Dayangji Sherpa lives with her 25-year-old daughter, Nima, in a one-bedroom apartment in Woodside, Queens, where they sleep in the same bed to save money. But on Sunday, they stood on a dais before an altar of glittering gold Buddhas while some of the highest-ranked Buddhist monks from around the region bowed their heads to the women and showered them with benedictions. It was the culmination of a rare ceremony where every single text of their Buddhist canon is read from morning until night by monks, who are fed, housed and paid by a sponsor until all 108 books are read.
It took more than a month. And it cost more than $50,000 — the elder Ms. Sherpa’s life savings.
Completing the Kangyur, the Tibetan-language version of the sacred Buddhist texts, is done as a form of prayer for peace for all sentient beings, several monks explained. For nearly 40 days, ending last week, about a dozen monks called from around the region read eight hours a day, aloud and simultaneously, seated cross-legged in a converted brick church in Elmhurst.
There had never been such a reading in New York, according to Urgen Sherpa, 41, a former general secretary of Sherpa Kyidug, which represents Sherpas in the United States, including an estimated 2,000 to 2,500 in New York. (Mr. Sherpa is not related to Ms. Sherpa: many Sherpas, who are an ethnic group from high in the Himalayas in eastern Nepal, use the surname.) Kangyur readings are rarely commissioned even in Nepal, Mr. Sherpa said, because of the high cost.
Ms. Sherpa, 54, a home health aide, estimates she paid about $111 per monk per day. It included twice-daily meals of Nepalese and Tibetan comfort food at Himalayan Yak restaurant on Roosevelt Avenue and an attendant to provide an endless supply of traditional salted butter tea. Other members of the community also made donations.
“People can do this, but nobody does it,” Ms. Sherpa said. “I’m not rich. I wanted a do a good thing.”
In a fur hat, her long braid laced with pink thread, Ms. Sherpa doled out envelopes of money to each monk on Sunday, her daughter following behind her. As trumpets sounded and cymbals clashed, she limped across the dais on her artificial leg: When she was 8, her leg was amputated after it was crushed by an avalanche while she tended yaks near Kunde, her village. At 22, her family disowned her when she eloped with a man from a lower caste. When she was five months pregnant with Nima, the couple split up; Ms. Sherpa raised her daughter alone, eventually immigrating to the United States about a decade ago.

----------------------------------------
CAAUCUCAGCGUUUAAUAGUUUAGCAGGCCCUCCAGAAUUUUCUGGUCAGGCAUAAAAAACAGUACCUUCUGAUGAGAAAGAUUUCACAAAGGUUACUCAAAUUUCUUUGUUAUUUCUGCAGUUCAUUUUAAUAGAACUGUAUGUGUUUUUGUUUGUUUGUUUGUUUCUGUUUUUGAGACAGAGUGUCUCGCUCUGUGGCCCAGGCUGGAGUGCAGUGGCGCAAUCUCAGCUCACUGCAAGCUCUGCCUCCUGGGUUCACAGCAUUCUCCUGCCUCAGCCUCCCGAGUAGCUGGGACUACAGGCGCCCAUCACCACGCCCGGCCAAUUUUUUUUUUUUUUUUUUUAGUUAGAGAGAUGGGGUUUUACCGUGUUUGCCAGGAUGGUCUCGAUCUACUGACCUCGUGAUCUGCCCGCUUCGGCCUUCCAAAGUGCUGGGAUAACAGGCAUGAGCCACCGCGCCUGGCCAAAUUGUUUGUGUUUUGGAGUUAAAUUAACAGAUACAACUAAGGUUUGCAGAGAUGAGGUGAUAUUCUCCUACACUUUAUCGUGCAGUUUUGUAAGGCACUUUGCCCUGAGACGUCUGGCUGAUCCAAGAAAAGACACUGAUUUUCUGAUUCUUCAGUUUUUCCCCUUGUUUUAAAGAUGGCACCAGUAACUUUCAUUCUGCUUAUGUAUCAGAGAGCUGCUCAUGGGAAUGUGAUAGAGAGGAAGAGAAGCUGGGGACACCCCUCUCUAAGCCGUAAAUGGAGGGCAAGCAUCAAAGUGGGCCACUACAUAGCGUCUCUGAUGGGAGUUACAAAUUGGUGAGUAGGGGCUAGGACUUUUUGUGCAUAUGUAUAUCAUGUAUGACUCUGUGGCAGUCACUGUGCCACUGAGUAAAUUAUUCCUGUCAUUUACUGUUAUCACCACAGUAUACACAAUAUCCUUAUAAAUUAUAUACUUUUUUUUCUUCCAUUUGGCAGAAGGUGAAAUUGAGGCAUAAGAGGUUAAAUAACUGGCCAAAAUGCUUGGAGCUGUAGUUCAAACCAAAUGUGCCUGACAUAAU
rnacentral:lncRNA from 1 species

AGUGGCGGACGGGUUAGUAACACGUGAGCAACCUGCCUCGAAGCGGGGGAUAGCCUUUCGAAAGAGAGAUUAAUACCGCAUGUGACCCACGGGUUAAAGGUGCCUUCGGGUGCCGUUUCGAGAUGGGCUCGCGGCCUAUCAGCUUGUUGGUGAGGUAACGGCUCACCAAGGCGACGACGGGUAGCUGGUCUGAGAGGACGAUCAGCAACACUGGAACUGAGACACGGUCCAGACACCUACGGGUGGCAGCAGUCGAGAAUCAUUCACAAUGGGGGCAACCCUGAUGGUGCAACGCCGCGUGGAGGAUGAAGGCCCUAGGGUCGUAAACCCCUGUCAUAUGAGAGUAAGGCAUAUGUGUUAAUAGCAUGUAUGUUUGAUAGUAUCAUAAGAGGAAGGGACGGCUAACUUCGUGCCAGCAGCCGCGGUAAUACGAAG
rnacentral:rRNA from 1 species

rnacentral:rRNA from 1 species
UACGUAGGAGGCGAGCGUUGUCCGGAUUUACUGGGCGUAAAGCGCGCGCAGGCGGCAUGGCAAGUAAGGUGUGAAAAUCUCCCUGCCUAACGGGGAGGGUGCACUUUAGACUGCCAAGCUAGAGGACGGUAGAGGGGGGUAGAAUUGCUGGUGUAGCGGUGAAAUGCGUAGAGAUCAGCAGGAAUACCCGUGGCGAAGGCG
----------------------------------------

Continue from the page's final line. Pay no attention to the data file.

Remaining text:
Even in a religion that rejects materialism, her modest means made the ceremony noteworthy, said Sherry Ortner, an anthropology professor at the University of California Los Angeles and an author on Sherpa culture.
Ms. Sherpa’s father and grandfather, who owned a successful teahouse near the Mount Everest base camp, each sponsored such a reading in the past. Ms. Ortner said that in Tibet and Nepal, such events are typically paid for by the wealthy. That a person of lesser means is sponsoring the Kangyur in the United States suggests that in the diaspora those old hierarchies are shifting. “The status system is changed,” she said.
Spending her savings was an act of faith, said Mr. Sherpa of the community association. Buddhism rejects materialism as one of the Three Poisons that lead to suffering. “She is giving away some materials,” he said. “That means a destroying of one of the poisons: greed, attachment.”
Pema Sherpa, a nanny, makes $700 a week and has supported one of the monks for the past two years and will continue to do so indefinitely, providing him a room in her house and $600 a month. She explained Dayangji Sherpa’s generosity: “What do you need in life? You have food, shelter, what else do you want? This is karma.”
As the final ceremony wrapped up, Nima wearily removed her hat. She had quit her job at a bus company to tend to the monks, brewing vats of butter tea in the basement and even cleaning the toilets. Her devotion was to her mother as much as the faith, she said, explaining that her Nepalese peers felt similar commitment to their parents: “We feel like we owe them our life, because they’ve done so much for us in our life.”
After nearly 40 days bound to the monks, the moment was bittersweet, she said. Not that there was time for nostalgia. “First thing I’m going to do tomorrow,” she said, standing in her floor-length traditional gown, “is wake up and look for a job.”
An email was received at SherpaKyidug.org inspired by this New York Times article. Email has been forwarded to Nima (and thru her to Ai Dayangji). Wanted to share this with all with some information deleted (with Xs).
Congratulations to Ai Dayangji and Nima, and Good Luck with all your future endeavors.
Name : Michael XXXXX
Email Address : michael.XXXXX@XXXhotel.com
Subject : Ms. Nima Sherpa and the Kangyur
Message : Greetings,
I work for XXX Hotel in Midtown Manhattan. Myself and some co-workers read the New York Times story about the Kangyur reading arranged my Ms. Dayangji Sherpa with help from her daughter Nima. We were inspired by the selfless beauty of this act. At the end of the article, it quoted Ms. Nima Sherpa, saying that she would need to find a job. We would love to offer her a position at XXX Hotel. There is no doubt she will be a valuable presence wherever she is employed.
If you can pass this message along to her and my email, my colleagues and I would appreciate it.
XXXXXXX XXX HOTEL
X W XXTH ST
I have Great admiration for this Lady and her devotion and her faith in Dharma deserves an applause. I think Sherpa society can learn a thing or two from her and perhaps contemplate in vesting some interest in Dharma and Karma where as the mentality is more veering towards vesting their interest in material possessions. I see some filthy rich Sherpas but their leaning towards Dharma is ZERO!!!